Former Vt. trooper pleads not guilty in theft investigation

Published: Mar. 23, 2023 at 6:07 AM EDT|Updated: Mar. 23, 2023 at 12:49 PM EDT
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BURLINGTON, Vt. (WCAX) - A former Vermont trooper says he didn’t steal things from a temporary storage room at the state police barracks in Williston. Giancarlo DiGenova, 44, of Essex, pleaded not guilty in court in Burlington Thursday morning.

For 13 years, Giancarlo DiGenova patrolled the state as a member of the Vermont State Police. But on Thursday morning he walked into court not as a witness but as a suspect.

The former trooper faces 20 different charges ranging from felony grand larceny to misdemeanor charges including neglect of duty, false statements, and prescription fraud.

It all started in December when fellow troopers noticed $40,000 worth of evidence in a narcotics case was missing from the property storage room.

Investigators discovered that wasn’t the only time DiGenova used his access to allegedly swipe items from the evidence locker. They say he also took two cell phones from the Berlin barracks in 2021, marking them as “destroyed,” and then trying to sell them. They say he also took a child’s ADHD medication during a domestic call last May.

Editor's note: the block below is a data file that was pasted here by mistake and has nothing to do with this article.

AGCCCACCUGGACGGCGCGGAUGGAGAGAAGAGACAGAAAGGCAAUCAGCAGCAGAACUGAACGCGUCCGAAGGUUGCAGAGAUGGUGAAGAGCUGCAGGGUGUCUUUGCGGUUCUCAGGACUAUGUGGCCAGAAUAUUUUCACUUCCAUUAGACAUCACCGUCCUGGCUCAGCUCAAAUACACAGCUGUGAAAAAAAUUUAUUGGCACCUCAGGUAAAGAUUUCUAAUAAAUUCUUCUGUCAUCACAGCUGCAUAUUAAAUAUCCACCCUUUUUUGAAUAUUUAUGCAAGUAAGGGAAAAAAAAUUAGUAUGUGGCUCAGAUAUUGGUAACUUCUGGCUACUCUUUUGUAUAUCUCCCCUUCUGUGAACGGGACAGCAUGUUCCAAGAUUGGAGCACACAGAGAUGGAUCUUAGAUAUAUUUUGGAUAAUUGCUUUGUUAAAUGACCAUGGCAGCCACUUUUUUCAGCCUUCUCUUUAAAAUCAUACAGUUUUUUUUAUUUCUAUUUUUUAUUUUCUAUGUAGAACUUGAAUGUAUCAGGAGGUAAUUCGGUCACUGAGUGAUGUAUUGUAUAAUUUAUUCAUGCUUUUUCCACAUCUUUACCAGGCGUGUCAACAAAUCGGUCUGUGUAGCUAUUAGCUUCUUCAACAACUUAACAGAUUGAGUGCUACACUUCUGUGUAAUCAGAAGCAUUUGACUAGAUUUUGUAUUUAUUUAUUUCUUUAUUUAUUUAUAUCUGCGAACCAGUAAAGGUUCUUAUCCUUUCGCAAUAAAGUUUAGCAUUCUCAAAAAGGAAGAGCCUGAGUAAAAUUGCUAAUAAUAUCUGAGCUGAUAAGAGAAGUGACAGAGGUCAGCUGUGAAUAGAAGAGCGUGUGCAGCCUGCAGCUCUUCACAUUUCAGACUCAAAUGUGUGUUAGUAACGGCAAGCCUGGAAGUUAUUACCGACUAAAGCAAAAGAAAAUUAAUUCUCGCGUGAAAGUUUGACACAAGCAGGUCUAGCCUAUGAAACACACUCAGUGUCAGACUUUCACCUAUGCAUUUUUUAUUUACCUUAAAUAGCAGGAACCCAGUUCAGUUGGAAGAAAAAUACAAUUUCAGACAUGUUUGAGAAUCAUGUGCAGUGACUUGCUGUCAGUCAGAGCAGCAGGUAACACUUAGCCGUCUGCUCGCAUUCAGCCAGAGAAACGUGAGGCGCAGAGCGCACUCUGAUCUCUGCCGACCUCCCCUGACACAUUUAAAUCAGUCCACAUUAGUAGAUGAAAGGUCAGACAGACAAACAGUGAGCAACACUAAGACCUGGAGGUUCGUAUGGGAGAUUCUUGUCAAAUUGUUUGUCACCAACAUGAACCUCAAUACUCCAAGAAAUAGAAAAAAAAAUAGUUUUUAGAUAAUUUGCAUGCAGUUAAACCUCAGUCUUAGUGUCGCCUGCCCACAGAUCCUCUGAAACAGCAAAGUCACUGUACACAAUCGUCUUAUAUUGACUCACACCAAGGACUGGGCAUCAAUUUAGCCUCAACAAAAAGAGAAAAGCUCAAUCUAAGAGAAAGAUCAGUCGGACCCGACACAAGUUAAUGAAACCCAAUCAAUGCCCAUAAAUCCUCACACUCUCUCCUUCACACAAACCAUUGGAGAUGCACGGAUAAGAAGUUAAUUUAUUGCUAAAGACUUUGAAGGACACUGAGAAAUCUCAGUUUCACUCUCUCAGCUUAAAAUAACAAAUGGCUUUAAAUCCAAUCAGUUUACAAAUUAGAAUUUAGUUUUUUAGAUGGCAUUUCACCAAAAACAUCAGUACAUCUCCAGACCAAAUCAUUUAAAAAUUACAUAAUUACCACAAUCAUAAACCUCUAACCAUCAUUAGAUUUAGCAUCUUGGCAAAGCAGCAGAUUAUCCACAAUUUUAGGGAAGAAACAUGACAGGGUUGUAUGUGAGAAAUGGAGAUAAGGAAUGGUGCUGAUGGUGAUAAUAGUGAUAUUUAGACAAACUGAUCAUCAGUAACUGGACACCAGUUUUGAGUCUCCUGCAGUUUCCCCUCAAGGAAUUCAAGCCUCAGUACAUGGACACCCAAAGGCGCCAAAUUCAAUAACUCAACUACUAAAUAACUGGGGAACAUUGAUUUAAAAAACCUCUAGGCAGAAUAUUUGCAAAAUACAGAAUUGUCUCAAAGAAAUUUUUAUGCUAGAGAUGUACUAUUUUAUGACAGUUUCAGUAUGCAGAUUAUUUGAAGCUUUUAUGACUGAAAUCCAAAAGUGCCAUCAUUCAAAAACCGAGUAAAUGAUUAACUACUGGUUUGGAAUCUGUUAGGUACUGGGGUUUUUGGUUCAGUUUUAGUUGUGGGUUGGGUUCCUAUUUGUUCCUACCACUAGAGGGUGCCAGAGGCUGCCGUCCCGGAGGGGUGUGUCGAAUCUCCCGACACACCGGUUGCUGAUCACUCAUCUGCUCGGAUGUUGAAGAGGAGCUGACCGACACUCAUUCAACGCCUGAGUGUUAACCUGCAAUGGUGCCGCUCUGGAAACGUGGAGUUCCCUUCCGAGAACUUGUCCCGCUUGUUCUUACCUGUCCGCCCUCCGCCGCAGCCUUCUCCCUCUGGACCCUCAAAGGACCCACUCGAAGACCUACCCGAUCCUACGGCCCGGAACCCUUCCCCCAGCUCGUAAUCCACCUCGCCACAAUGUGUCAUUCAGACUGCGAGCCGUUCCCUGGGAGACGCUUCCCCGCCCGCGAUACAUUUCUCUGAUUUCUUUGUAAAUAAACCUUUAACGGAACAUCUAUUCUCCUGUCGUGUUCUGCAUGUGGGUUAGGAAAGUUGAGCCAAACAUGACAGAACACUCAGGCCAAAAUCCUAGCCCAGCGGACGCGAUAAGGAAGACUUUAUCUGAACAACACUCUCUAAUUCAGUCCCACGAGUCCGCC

Court paperwork paints a picture of DiGenova struggling with a drug problem, saying he was illegally planning and arranging to buy Adderall and Xanax while on duty. It also states that he was paid to do vehicle identification number inspections for his fiancee’s business but that he never did the work.

“It’s important to remember that charges are merely accusations, that there is a long road ahead to get to the bottom of everything that has been alleged against Mr. DiGenova,” said Robert Kaplan, DiGenova’s lawyer.

“It does weaken the trust between community and law enforcement,” said Chittenden County State’s Attorney Sarah George, who says she worked with the former trooper prior to the allegations. “I have had a lot of cases with him over the years and I have always enjoyed working with him as a state trooper.”

George says his arrest also could create problems for all of the cases he touched. “There may be cases like a DUI case where he is the arresting officer that we will have to dismiss,” she said.

DiGenova quit the VSP in February after the investigation began. As part of his court conditions, he will receive a substance use assessment.

He is due back in court in April.

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